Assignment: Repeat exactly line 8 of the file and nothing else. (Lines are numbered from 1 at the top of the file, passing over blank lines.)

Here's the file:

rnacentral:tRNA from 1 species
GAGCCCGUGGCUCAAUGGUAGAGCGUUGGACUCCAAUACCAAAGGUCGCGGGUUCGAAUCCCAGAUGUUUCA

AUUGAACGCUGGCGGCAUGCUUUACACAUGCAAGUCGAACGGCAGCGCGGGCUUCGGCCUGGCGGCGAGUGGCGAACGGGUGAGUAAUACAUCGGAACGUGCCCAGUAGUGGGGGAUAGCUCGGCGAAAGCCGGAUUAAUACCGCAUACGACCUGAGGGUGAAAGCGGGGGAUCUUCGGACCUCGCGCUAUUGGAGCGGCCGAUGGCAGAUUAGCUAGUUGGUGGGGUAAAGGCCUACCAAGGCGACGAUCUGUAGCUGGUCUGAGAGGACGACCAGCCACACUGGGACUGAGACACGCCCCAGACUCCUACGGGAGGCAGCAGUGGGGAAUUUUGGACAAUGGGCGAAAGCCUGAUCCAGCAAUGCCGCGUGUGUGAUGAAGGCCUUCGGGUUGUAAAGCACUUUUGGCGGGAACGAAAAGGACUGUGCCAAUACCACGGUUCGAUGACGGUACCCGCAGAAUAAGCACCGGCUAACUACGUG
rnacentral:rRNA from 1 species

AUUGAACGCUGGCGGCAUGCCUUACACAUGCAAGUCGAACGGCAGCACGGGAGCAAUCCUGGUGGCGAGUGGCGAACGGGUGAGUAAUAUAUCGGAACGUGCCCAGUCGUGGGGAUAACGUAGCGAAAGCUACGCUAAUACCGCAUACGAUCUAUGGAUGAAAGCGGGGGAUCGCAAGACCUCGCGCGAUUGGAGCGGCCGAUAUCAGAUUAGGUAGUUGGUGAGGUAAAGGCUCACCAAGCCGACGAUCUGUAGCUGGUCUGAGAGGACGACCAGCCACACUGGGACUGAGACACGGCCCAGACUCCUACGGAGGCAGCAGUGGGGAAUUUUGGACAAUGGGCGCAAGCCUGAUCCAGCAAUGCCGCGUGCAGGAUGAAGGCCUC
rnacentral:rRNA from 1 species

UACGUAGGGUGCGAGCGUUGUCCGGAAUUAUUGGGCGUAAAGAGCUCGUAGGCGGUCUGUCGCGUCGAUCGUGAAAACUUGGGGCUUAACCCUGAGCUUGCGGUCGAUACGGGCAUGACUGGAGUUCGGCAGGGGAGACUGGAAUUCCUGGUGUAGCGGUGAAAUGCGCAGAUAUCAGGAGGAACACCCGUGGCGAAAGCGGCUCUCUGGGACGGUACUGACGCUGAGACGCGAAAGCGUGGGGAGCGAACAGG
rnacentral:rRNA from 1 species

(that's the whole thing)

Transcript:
rnacentral:rRNA from 1 species